Food for Thought: 8 Tips for Saving Money on the Body Ecology Diet

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In a previous post, I mentioned how expensive it can get to be on the Body Ecology Diet (B.E.D.). Here are some helpful hints to minimize the impact on your wallet:

  1. Make a list an scope out your grocery stores. See what each store has available and at what price, before you buy. Also, few people realize that they can submit a request for their local chain store to carry an item. Have your friends ask too. The more people that ask for it, the more likely it is that they will start carrying it. Also, they will most likely price it lower than you will find it at “healthy living” stores!
  2. Try ethnic stores. They often have hard to find ingredients at a reasonable price. Once I figured out that the “sea vegetables” on the B.E.D. were really just different kinds of seaweed, I went to my local Asian market and stocked up for a fraction of the price. I also got various noodles and grains there too! For both everyday and hard to find spices, I go to the Mediterranean grocery who sells them dirt cheap! For the special blue corn tortillas, the Tortilliaria down the road is awesome! Check these places first, before wasting your money at more expensive grocery stores.
  3. Buy in bulk. Costco really surprised me. They have a LOT of B.E.D. safe and organic options at lower prices than you can find them in grocery stores. Here is some of what I left with: both chicken and ground beef, many different veggies, lemons and limes, blue corn tortilla chips, probiotics, flax meal, and a giant sack of quinoa. The only downside is figuring out where to put it all.
  4. Garden or join a community garden. Anything you grow your self will save money. Herbs are the easiest and can be done is small pots on a window sill, if you don’t have a green thumb or a yard. If you are not confident in your gardening skills or if you live in an apartment, try participating in a community garden. Often, the others there will help you and give you helpful tips, because they benefit from your successful crop too!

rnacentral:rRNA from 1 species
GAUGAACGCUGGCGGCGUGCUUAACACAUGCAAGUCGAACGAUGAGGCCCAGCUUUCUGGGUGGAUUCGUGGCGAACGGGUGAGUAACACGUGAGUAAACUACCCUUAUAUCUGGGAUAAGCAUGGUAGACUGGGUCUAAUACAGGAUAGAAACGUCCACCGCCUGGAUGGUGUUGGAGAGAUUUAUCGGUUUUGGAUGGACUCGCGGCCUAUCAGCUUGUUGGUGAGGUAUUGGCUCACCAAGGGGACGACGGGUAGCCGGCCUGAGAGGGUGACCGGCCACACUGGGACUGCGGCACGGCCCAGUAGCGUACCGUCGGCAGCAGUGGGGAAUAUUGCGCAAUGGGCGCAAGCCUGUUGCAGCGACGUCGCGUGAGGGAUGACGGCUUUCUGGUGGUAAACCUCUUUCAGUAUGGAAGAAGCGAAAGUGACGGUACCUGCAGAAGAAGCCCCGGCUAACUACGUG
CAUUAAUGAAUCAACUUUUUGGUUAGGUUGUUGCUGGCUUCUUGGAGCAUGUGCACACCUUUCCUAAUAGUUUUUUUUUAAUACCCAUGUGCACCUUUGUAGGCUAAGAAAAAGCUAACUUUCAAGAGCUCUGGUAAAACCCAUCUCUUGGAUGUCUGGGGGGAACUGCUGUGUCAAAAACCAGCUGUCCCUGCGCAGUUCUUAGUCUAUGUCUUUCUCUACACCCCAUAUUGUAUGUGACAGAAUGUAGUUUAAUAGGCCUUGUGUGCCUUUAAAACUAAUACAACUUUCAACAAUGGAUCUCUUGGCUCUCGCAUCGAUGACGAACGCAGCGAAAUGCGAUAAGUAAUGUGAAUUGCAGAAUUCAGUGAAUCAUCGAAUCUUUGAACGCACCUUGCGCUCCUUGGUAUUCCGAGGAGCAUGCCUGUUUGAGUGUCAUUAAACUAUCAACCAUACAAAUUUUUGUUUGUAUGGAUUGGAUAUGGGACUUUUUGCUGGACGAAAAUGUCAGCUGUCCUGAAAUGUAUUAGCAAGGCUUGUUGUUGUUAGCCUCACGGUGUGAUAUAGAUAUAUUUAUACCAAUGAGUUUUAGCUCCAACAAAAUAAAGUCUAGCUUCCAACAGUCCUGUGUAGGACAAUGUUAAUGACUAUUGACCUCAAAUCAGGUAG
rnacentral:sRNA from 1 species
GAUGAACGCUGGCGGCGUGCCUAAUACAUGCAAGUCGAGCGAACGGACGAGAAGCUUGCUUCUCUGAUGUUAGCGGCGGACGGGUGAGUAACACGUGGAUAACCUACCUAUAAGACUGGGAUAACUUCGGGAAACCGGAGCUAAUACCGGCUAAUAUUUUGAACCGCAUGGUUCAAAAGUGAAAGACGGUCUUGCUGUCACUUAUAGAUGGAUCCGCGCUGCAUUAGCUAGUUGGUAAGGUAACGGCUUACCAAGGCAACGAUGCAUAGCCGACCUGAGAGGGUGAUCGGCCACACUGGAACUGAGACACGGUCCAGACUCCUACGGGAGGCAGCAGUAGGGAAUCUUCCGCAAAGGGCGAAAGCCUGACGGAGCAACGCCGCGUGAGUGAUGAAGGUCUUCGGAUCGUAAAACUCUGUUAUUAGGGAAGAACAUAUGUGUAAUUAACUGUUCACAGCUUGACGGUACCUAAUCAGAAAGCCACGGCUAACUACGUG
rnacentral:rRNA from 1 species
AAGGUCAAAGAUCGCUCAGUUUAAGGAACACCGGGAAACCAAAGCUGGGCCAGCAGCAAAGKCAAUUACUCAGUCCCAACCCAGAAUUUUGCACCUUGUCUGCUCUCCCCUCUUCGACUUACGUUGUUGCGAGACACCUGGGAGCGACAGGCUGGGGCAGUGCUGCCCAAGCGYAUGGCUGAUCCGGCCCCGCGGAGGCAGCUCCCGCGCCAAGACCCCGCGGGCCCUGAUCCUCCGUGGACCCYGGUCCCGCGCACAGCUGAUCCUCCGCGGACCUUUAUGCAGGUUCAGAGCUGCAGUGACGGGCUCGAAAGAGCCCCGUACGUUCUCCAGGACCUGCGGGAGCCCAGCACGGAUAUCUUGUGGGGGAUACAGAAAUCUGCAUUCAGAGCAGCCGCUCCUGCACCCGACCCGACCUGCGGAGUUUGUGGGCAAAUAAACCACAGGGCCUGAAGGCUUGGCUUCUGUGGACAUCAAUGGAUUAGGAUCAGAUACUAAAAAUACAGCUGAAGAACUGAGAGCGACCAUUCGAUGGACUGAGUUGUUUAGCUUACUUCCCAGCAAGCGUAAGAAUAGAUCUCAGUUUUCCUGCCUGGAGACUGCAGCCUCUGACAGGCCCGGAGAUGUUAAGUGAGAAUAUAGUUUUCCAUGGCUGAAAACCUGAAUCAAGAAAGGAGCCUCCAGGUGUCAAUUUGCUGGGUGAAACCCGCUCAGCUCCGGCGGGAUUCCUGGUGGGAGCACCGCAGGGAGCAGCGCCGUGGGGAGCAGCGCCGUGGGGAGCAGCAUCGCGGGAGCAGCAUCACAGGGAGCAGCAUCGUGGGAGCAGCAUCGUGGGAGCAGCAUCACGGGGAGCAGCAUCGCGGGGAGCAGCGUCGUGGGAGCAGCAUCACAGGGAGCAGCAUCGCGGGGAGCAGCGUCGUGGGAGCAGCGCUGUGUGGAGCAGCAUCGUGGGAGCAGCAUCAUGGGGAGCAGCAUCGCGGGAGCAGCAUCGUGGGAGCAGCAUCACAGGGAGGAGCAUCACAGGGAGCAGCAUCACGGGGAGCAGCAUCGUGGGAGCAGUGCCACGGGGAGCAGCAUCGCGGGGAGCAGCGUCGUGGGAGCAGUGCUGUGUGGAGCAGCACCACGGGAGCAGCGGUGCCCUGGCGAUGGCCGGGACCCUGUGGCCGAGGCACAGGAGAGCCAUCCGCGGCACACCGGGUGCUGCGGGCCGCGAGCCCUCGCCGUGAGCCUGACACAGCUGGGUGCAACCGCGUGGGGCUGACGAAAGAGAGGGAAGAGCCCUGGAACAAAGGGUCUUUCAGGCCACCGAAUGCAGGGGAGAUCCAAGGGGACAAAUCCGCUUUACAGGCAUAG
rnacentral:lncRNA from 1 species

5. Look into local co-ops or delivery services. I subscribe to a local delivery service, here in the Triangle. I pay $20 per week (I can skip weeks, if I want) for the small box. I fill my box by picking and choosing from a list of available products from local farms that they post each week. They deliver a few days later. I have personally found this to be cheaper and more convenient than going to the farmers market. I have also heard of local co-ops that offer boxes of a variety of veggies at a discounted price. I wish there was one here.
  6. Cook in bulk too. Pick one or two days a week to cook or prep a large batch of something. Portion it out and can, freeze, or refrigerate it. You will save time and money not cooking everyday. You will also have ready to go lunches, which will discourage you (and maybe others in the house!) from cheating by eating at a restaurant.
  7. Look for generics. The B.E.D. has a lot of branded supplements and other products. Read their labels and try to find a cheaper alternative.  For example, their SuperGreens powder is twice as expensive as the Go Greens powder I tried. Or try the even cheaper Amazing Grass.  I was able to find most of the others too. Alternatives to the branded sweeteners can be found in your local grocery stores. I prefer the “In the Raw” brand, as others have additives. And, as a bonus, they sometimes actually have coupons in the paper for those!
  8. DIY as much as possible. I am told, making your own coconut kefir and “cheese” can save you a lot. Unfortunately I cannot do it myself, because I have yet to find young coconuts in any of my local stores, and I also don’t own a meat cleaver (necessary for hacking the coconut open). However, I do make my own kimchee, as well as other fermented veggies. Basic kimchee is easy and requires few ingredients; cabbage, sea salt, fish sauce, and gochugaru pepper flakes. You can also customize the flavor to suit you. I prefer to add garlic and reduce the usual amount of spice, as it can irritate the digestive tract. A pint jar at my local grocery store is $7! At the Asian market it is $3. It cost me about $3 in ingredients to make my own and it yielded 3 quarts. I saved my self as much as $39!

If anyone has some more money saving tips or any questions about what I have mentioned, please comment blow!

1 thought on “Food for Thought: 8 Tips for Saving Money on the Body Ecology Diet”

  1. These are all wonderful tips! I have always thought about growing own herbs, but didn’t really know how often I would use them. I like the idea of preparing meals a week or so in advance and freezing.

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